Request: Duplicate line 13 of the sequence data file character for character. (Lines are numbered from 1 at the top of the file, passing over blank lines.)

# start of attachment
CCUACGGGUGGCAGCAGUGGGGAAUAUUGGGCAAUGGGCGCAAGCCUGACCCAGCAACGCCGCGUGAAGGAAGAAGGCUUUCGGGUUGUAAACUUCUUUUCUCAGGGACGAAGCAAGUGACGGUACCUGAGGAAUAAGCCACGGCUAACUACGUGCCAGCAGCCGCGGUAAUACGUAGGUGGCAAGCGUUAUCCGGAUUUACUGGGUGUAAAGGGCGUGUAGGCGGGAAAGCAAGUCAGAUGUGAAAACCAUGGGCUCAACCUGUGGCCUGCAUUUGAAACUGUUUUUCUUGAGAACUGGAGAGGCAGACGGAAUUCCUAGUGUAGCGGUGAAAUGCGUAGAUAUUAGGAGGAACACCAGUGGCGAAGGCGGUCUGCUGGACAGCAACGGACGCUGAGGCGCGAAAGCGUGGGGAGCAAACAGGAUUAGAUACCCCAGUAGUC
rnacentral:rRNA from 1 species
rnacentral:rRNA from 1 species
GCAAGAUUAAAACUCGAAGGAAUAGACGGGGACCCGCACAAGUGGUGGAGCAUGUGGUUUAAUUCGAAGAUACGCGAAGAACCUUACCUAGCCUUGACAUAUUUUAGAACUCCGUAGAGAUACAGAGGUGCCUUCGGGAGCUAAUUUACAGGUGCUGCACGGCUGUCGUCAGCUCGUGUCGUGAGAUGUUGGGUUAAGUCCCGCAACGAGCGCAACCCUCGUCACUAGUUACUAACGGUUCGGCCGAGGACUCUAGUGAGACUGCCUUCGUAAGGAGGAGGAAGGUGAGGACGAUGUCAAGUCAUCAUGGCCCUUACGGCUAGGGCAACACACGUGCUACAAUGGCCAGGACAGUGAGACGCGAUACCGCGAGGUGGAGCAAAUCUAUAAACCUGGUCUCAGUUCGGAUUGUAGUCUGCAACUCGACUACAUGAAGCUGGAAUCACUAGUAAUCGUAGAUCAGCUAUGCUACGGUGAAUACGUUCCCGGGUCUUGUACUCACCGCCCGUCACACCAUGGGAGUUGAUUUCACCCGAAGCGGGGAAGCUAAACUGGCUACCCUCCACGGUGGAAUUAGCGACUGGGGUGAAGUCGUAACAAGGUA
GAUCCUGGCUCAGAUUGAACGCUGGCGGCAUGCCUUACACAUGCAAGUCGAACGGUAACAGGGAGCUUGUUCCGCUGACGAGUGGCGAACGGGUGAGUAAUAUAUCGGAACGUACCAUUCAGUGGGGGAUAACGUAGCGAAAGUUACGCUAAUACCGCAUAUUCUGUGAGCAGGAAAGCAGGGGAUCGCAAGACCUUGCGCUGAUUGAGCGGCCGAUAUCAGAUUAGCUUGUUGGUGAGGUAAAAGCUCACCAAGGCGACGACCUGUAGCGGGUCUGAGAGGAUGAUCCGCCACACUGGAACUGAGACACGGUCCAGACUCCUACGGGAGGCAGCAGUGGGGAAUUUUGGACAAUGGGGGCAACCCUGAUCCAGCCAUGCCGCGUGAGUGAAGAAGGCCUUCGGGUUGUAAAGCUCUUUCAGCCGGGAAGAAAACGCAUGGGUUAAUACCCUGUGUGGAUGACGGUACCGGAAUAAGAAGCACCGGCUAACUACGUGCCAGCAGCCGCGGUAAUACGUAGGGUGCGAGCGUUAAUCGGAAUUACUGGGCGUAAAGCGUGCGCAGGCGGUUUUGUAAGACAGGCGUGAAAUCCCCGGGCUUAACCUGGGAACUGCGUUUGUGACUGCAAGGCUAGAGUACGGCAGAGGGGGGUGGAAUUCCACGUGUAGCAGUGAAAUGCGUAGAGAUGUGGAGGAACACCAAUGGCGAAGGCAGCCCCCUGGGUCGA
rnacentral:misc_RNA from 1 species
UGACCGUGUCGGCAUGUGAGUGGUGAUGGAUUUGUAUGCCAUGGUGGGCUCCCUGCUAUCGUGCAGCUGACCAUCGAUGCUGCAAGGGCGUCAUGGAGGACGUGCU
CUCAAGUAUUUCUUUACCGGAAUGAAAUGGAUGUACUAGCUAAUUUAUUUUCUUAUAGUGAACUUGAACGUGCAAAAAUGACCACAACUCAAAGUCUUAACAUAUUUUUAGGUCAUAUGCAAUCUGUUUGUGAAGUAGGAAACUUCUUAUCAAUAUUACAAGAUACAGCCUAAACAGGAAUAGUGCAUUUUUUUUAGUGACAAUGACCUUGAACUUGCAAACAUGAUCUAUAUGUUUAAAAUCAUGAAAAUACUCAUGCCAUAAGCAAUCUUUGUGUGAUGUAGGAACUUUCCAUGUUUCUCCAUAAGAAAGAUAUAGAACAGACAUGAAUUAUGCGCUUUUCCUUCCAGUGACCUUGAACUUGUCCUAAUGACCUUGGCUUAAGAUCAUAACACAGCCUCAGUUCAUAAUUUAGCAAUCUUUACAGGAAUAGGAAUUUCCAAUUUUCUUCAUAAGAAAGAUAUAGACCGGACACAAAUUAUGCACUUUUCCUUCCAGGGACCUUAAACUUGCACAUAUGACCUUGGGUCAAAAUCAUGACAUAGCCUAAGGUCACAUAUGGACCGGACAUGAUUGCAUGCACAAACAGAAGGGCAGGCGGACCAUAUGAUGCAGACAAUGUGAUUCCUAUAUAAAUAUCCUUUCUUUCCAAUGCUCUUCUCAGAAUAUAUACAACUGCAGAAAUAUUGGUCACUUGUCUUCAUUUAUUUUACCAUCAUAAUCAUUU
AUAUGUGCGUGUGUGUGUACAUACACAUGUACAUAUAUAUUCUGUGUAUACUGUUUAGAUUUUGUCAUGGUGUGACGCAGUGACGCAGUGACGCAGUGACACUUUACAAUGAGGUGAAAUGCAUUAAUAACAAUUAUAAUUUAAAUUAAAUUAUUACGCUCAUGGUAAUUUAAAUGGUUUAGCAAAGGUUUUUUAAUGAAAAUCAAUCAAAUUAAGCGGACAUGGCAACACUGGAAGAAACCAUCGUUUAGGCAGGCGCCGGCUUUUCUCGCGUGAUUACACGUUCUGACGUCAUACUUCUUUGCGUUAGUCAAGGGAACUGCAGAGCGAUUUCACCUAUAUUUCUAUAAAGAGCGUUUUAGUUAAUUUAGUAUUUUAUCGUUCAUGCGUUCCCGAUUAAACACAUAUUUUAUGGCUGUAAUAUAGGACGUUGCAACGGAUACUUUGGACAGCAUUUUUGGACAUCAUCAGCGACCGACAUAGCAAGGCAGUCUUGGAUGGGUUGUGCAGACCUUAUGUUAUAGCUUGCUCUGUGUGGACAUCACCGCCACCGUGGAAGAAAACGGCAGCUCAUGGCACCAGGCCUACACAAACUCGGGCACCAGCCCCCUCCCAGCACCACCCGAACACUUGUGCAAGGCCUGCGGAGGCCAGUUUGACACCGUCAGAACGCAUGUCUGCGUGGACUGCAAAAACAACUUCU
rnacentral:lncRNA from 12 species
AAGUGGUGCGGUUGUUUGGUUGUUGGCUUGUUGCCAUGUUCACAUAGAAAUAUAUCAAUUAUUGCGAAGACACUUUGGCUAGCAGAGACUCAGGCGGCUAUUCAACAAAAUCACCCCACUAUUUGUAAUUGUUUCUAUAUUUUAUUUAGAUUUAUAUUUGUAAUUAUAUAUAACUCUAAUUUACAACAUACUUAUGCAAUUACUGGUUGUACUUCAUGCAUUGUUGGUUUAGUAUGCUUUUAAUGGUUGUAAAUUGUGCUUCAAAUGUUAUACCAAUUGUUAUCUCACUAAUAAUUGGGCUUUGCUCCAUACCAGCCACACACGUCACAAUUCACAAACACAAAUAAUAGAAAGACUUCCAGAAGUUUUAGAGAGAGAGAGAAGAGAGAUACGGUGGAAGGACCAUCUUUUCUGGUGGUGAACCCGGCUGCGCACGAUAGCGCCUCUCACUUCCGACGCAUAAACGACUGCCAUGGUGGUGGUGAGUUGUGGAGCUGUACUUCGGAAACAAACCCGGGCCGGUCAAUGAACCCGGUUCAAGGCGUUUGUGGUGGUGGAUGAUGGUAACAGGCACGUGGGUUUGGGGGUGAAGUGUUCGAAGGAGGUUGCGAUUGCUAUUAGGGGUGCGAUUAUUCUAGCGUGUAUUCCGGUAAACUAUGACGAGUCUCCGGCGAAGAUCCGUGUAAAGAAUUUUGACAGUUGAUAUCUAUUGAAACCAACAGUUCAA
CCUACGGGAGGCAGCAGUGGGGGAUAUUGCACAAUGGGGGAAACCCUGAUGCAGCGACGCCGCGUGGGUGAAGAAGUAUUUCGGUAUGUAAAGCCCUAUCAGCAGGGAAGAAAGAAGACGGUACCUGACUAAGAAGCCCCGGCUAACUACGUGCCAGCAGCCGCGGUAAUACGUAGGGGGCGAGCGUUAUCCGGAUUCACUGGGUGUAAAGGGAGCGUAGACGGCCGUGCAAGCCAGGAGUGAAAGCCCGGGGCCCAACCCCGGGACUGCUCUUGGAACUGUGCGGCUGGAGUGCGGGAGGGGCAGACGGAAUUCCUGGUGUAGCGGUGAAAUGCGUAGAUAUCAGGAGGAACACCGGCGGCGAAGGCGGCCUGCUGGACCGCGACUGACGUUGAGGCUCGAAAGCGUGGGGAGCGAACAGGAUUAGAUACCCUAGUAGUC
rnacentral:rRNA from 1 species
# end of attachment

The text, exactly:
rnacentral:rRNA from 1 species